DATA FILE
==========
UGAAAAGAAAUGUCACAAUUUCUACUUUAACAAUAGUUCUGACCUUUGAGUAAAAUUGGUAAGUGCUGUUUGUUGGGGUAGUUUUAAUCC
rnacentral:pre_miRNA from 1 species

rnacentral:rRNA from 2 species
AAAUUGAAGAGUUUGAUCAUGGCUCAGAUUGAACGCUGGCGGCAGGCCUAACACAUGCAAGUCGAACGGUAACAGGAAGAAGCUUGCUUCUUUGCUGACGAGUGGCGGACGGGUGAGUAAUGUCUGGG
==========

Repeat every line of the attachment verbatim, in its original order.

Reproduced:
UGAAAAGAAAUGUCACAAUUUCUACUUUAACAAUAGUUCUGACCUUUGAGUAAAAUUGGUAAGUGCUGUUUGUUGGGGUAGUUUUAAUCC
rnacentral:pre_miRNA from 1 species

rnacentral:rRNA from 2 species
AAAUUGAAGAGUUUGAUCAUGGCUCAGAUUGAACGCUGGCGGCAGGCCUAACACAUGCAAGUCGAACGGUAACAGGAAGAAGCUUGCUUCUUUGCUGACGAGUGGCGGACGGGUGAGUAAUGUCUGGG